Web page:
Based on the distribution of Lewy bodies at different stages of PD, Braak et al2 suggested that this neurodegenerative process progresses from non-dopaminergic neuronal areas to central neurons in a cranio-caudal direction, and affects neurons with long axons. The RNFL is composed of ganglionic cell axons, but the presence of Lewy bodies in these cells has not yet been established by histologic studies.

Physiologic aging causes neuronal degeneration and therefore reductions in most of the regional thicknesses of the peripapillary RNFL and macula, except for the temporal quadrant of the RNFL and the corresponding 8, 9, and 10 o’clock sectors.26 In neurodegenerative diseases, the temporal quadrant is affected at an earlier stage,27 with subsequent expansion to the papillomacular sector.

Of the different digital imaging analysis techniques available, OCT is considered the most useful for the diagnosis and follow-up of optic neuropathies, and several investigators have demonstrated the capacity of OCT to evaluate neurodegenerative pathologies such as optic neuritis,27 multiple sclerosis,7, 28 and Alzheimer’s disease.29 In this study, two next-generation Fourier-domain OCT devices were used to evaluate RNFL and retinal thicknesses. Both devices were compared and significant differences were found between the Cirrus OCT and Spectralis OCT. These results indicate that only one OCT device should be selected for monitoring a patient’s disease, as the measures differ. Although the reduction in RNFL thickness was not significant for some of the sites examined, the tendency for reduced RNFL thickness may have been significant for more parameters if a larger sample size had been examined.

Some recent OCT studies suggest asymmetrical involvement of the retina in PD and suggest including both eyes of each patient in the study.30 Our sample could have been larger and it is possible that the diagnostic yield in this study was decreased by our inclusion of a potentially less affected eye. Incorporating both eyes of a patient into the study, however, could also mask minimum symmetric structural and functional alterations. The majority of authors consider the inclusion of only one eye of each patient adequate for statistical analysis because RNFL measurements correlate significantly between the two eyes; thus, we included only one eye per patient.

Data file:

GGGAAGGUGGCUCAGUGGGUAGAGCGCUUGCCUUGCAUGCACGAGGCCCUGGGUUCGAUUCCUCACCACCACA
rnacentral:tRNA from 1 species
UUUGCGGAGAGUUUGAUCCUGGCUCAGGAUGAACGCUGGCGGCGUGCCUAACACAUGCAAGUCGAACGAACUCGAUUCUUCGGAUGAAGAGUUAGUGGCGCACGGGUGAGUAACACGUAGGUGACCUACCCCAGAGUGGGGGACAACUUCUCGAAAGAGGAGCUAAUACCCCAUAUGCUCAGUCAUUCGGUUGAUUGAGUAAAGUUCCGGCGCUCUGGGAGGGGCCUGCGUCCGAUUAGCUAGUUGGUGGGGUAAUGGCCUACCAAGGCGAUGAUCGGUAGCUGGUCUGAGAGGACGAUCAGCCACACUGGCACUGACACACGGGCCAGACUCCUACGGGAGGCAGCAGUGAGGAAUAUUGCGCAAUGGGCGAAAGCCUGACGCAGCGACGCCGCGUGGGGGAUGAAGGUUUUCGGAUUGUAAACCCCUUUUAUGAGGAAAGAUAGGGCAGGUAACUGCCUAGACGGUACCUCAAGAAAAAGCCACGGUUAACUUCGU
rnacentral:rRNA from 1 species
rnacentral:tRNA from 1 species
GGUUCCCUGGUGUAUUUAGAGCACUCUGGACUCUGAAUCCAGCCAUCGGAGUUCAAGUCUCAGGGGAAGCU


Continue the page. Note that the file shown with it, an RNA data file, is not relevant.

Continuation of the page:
Macular thickness also showed a significant reduction in the central 1-mm diameter circle, as well as for the temporal and inferior quadrants of the 3-mm ring and inferior quadrant of the 6-mm ring, in PD patients compared with controls. The inner retinal layer contains both the RNFL and dopaminergic amacrine cells, with a decrease in the retinal thickness partially because of the affectation of these cells. However, currently available OCT software is not able to determine the thicknesses of the different retinal layers, so the correlation between the dopaminergic cells and RNFL loss is still uncertain.

This study suggests that areas with reduced macular thickness also show decreased peripapillary RNFL thickness. This could be due to the anatomic correspondence of the ganglion cells in the retina and optic nerve head. Recent studies indicate that macular thickness as a high discriminating parameter in other diseases affecting the peripapillary RNFL thickness, such as open-angle glaucoma.31

We found a significant correlation between PD severity and disease duration, and between RNFL (outer superior macular thickness) and age. These results were expected, because PD is a chronic and degenerative process that causes progressive neurologic and physical deterioration. Axonal thicknesses based on OCT measurements decrease over time because of physiologic aging. Therefore, the significant but mild correlation (r=−0.427, P=0.01) between OCT measures and age was expected.

Our results agree with those of Inzelberg et al22 and Altintas et al23, and confirm the peripapillary RNFL loss observed in PD patients for measurements made with spectral-domain OCT systems. Imaging techniques such as OCT are noninvasive, inexpensive, and fast, and may be useful for neurologic follow-up of the disease by providing information about its rate of progression. Recent RNFL analyses demonstrated the ability of OCT to evaluate the central nervous system, and to provide biomarkers of progression and diagnosis in multiple sclerosis.28 This study contributes to this field by analyzing a range of parameters in PD patients using two next-generation OCT devices.

In conclusion, PD causes axonal damage in the RNFL along with retinal thinning that can be detected using Fourier-domain OCT. Longitudinal studies with a larger sample are needed to corroborate our results and to evaluate the usefulness of RNFL measurements as biomarkers of PD progression.